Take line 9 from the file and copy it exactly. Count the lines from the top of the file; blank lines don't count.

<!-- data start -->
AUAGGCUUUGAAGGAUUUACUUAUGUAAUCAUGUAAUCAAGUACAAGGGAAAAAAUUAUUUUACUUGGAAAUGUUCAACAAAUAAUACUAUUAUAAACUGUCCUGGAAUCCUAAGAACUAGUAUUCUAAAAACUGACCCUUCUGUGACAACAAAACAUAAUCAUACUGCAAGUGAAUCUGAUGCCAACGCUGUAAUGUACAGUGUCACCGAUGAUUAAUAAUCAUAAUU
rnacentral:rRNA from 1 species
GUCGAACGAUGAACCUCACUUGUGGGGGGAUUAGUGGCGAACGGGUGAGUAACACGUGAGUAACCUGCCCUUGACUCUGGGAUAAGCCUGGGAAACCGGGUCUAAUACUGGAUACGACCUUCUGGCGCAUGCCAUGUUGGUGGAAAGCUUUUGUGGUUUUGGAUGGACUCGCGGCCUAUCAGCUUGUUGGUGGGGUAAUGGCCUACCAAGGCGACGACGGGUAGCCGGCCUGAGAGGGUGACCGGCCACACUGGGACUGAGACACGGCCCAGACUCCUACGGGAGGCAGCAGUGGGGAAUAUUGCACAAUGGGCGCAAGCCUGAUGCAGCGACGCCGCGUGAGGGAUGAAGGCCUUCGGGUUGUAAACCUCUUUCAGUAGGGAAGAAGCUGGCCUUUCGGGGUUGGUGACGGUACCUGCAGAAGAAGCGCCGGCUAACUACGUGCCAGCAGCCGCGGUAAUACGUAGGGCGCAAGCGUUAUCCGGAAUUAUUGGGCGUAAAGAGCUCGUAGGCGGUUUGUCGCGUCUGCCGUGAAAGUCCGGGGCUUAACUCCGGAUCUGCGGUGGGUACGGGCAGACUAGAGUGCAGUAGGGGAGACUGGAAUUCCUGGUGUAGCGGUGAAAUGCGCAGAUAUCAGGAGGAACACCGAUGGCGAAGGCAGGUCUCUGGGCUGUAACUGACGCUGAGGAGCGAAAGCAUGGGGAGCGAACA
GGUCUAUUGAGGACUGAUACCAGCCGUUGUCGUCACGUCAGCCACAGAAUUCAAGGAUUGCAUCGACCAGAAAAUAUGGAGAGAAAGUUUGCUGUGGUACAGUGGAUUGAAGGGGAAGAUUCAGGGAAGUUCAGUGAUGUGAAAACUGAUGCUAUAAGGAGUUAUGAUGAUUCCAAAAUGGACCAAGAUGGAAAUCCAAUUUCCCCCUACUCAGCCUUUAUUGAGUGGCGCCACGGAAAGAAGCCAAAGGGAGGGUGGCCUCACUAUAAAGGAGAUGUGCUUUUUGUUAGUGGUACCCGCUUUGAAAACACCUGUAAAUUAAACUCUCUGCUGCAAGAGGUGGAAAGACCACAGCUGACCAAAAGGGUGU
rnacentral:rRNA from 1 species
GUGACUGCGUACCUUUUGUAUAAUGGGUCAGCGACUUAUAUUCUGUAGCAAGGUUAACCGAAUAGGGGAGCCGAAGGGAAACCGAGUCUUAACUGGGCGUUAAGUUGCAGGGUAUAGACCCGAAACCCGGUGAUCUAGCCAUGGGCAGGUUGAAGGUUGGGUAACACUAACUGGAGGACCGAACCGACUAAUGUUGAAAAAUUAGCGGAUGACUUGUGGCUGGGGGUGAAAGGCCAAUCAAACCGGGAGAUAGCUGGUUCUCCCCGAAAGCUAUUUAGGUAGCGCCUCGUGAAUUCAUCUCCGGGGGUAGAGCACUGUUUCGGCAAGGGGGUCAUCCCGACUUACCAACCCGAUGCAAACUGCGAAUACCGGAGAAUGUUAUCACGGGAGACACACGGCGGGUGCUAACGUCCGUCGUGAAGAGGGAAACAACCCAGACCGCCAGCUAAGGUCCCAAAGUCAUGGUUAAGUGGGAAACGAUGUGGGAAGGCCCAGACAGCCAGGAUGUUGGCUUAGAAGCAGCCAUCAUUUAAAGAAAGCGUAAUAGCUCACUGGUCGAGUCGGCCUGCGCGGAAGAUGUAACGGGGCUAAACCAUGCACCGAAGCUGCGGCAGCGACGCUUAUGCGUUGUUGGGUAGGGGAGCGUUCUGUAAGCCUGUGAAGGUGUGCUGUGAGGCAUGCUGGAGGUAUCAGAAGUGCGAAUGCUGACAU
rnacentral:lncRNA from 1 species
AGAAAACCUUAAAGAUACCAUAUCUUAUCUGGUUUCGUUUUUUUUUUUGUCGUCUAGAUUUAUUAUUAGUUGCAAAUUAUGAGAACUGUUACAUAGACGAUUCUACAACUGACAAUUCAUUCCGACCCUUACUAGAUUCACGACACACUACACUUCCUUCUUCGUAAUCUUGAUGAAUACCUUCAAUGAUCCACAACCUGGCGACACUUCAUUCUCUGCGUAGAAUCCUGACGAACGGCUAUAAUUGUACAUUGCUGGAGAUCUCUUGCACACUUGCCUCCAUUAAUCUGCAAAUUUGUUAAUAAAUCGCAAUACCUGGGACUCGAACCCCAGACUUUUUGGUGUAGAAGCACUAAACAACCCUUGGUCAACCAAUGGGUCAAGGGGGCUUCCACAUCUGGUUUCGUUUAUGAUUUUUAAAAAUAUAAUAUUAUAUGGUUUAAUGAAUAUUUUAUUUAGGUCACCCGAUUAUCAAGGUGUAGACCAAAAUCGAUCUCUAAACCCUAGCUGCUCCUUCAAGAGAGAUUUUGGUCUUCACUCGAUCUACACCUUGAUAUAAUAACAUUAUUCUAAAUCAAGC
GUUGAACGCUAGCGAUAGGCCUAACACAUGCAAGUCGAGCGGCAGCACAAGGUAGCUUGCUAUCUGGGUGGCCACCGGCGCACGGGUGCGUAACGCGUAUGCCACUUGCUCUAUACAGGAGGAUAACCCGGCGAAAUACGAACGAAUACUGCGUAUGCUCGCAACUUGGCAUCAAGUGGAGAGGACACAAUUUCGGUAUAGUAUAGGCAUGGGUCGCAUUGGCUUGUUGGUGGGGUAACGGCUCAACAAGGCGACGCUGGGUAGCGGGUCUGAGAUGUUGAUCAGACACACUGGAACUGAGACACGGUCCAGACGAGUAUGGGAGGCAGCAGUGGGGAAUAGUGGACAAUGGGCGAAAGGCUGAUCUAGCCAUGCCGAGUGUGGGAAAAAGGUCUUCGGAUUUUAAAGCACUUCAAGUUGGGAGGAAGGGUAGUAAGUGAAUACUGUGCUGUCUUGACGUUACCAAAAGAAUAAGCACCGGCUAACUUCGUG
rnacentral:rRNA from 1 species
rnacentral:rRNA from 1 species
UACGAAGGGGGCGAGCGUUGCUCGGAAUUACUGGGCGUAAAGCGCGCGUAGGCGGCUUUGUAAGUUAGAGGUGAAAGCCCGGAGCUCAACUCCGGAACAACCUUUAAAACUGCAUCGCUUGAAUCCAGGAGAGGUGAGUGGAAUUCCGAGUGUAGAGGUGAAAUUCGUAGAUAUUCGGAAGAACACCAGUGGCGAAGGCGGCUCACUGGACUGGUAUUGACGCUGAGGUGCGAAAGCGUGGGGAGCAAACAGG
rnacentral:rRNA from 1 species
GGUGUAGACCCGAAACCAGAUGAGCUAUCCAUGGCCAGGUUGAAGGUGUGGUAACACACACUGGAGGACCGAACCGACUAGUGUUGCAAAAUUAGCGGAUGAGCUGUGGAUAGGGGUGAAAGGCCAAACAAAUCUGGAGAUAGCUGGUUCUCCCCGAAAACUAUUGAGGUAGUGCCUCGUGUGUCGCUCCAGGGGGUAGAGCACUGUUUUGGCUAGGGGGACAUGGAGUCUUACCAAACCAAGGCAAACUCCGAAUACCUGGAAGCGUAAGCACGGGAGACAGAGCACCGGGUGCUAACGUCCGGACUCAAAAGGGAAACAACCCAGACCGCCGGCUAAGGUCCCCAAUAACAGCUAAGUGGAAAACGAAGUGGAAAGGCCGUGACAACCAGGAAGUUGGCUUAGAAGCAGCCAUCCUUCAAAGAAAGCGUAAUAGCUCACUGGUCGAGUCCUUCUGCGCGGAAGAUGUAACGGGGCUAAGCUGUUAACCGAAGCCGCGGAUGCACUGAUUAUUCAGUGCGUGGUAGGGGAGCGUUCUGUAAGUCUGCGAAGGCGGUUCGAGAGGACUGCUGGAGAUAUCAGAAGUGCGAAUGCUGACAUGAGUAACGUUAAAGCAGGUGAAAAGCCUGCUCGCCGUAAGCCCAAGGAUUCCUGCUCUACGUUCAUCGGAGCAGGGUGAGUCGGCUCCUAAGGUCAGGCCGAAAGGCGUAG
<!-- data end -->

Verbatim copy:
GUUGAACGCUAGCGAUAGGCCUAACACAUGCAAGUCGAGCGGCAGCACAAGGUAGCUUGCUAUCUGGGUGGCCACCGGCGCACGGGUGCGUAACGCGUAUGCCACUUGCUCUAUACAGGAGGAUAACCCGGCGAAAUACGAACGAAUACUGCGUAUGCUCGCAACUUGGCAUCAAGUGGAGAGGACACAAUUUCGGUAUAGUAUAGGCAUGGGUCGCAUUGGCUUGUUGGUGGGGUAACGGCUCAACAAGGCGACGCUGGGUAGCGGGUCUGAGAUGUUGAUCAGACACACUGGAACUGAGACACGGUCCAGACGAGUAUGGGAGGCAGCAGUGGGGAAUAGUGGACAAUGGGCGAAAGGCUGAUCUAGCCAUGCCGAGUGUGGGAAAAAGGUCUUCGGAUUUUAAAGCACUUCAAGUUGGGAGGAAGGGUAGUAAGUGAAUACUGUGCUGUCUUGACGUUACCAAAAGAAUAAGCACCGGCUAACUUCGUG